Sorting out navigation flow

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Revision as of 22:19, 16 January 2012 by ThaiGrocer (talk | contribs) (Console commands)

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<Left 4 Dead><Left 4 Dead 2> Getting the nav flow right can be one of the hardest parts in creating a good, working Left 4 Dead map. If the flow from the start to the end of the map is not valid, survivors may not be able to reach the end safe room or finale, rescue closets might not work and the wandering common infected will not spawn.

Please feel free to add to this if you discover any other useful methods/pieces of information.

Introduction

Firstly, a standard Left 4 Dead campaigns consist of at least two levels. The first level contains the original player spawn area (referred to in the navigation mesh as PLAYER_START) and proceeds to a safe room (CHECKPOINT). The next map goes from safe room to safe room or from safe room to finale (FINALE) if it is the final map. Any campaign you build is to any particular number of maps. For a five-map campaign, the general flow are as follows:

  • PLAYER START to CHECKPOINT - eg. l4d_airport01_greenhouse.bsp - "Player Start" map.
  • CHECKPOINT to CHECKPOINT - eg. l4d_airport02_offices.bsp - "Checkpoint" map.
  • CHECKPOINT to CHECKPOINT - eg. l4d_airport03_garage.bsp - "Checkpoint" map.
  • CHECKPOINT to CHECKPOINT - eg. l4d_airport04_terminal.bsp - "Checkpoint" map.
  • CHECKPOINT to FINALE - eg. l4d_airport05_runway.bsp - "Finale" map.

Note that if you only have a single map (that doesn't lead onto others), the only technically correct format for this is PLAYER_START to FINALE. It is possible to create a single standalone map that does not utilise a finale, and this just involves creating an ending safe room as usual but putting a dummy value in the trigger_changelevel to tell it what map to switch to. As long as you include the next map value the navigation flow will be valid but when your players finish the level the session will not finish correctly, since there will be an error in the console saying the next map cannot be found.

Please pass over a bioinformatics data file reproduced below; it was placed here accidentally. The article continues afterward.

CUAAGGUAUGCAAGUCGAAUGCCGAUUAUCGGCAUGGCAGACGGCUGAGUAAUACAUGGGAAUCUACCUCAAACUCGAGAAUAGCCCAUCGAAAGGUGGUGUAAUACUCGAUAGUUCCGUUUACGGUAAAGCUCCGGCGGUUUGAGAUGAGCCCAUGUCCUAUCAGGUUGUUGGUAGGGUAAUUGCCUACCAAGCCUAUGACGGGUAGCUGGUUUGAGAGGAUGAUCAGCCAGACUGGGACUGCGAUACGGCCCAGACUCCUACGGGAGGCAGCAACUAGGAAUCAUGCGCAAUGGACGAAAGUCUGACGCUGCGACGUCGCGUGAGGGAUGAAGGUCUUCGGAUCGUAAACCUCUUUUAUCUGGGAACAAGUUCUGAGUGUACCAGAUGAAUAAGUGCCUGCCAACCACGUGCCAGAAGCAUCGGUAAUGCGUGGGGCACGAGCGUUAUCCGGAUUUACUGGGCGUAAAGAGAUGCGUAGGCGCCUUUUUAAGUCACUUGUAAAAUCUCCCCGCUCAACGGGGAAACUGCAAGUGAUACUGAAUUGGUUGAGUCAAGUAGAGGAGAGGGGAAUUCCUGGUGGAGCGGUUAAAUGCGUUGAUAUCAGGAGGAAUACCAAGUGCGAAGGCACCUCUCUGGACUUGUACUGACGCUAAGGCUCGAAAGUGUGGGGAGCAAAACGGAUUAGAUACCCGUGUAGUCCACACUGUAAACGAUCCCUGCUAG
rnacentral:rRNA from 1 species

Console commands

To start editing the navigation mesh, type exec nav_mode into the console. This sets up Valve's configuration for nav editing and is very useful in accessing all the commands you will need to use. To quit the nav editing mode, press Page Down; note that this doesn't always seem to remove all editing functions, so you may need to type exec config_default afterwards to reset your controls to the default configuration.

The best way to get to know the commands is to open up the nav_mode.cfg file yourself and make a list of the keys. However, some very useful editing commands are below:

  • z_spawn (default 1) - This spawns a normal zombie at your crosshair. If you add a parameter after the command the relevant zombie will be spawned; for example, "z_spawn tank" will spawn a tank.
  • noclip (default n) - Allows you to fly around the map and through objects. Very useful in positioning yourself for editing high-up areas or for getting to a specific area of your map quickly.
  • nav_save (default TAB) - Saves your navigation mesh. Do this often, as there's no function for undoing changes if you mess things up!
  • director_start/stop (default F3) - Toggles the director's enabled/disabled state. If enabled (and your flow is valid), wandering zombies will spawn, tanks and witches will spawn, etc.
  • respawn_bot (default Numpad DEL) - This respawns a random bot. Note that this is a custom alias created in the nav_mode.cfg file and so will not function unless you have exec'd the file. The alias "respawn_bots" respawns all four bots but is not bound to a key by default.
  • warp_all_survivors_here (default ' [apostrophe]) - Warps all survivors (including you) to the spot under your crosshair.
  • nb_delete_all (default 2) - Deletes all NPCs (zombies, specials, survivors) from the world.
  • nb_move_to_cursor (default 3) - Tells all NPCs to move towards the point under your crosshair. The target point is marked temporarily with a small green cross.
  • nav_simplify_selected (default F7) - Attempts to merge any nav areas you have selected to simplify them. Don't try this with the whole map selected as the game will crash.
  • nav_gui (default F6) - Opens up the nav-editing GUI with some advanced options. Note that the nav_gui command will need to be typed again to close the window and re-enable movement.
  • nav_trouble_report (default PgUp) - Runs a check for the common problems present in navigation meshes. Any problem areas will be highlighted and the number of errors displayed in the console. Try typing the command in the console and add a space to see the different parameters that can be given.

There are also some other very useful commands that are not included in the config:

  • z_show_flow_delta 1/2 - This enables flow arrows on the nav sector that you're looking at (if set to 1) or all nav sectors in the area (if set to 2).
  • z_show_flow_distance 1 - This enables the flow distance to be displayed: xxxx/xxxx. These numbers relate to the units increasing towards map goal/units increasing from start. If -9999/-9999, the flow to this nav area is broken.

Recomputing the flow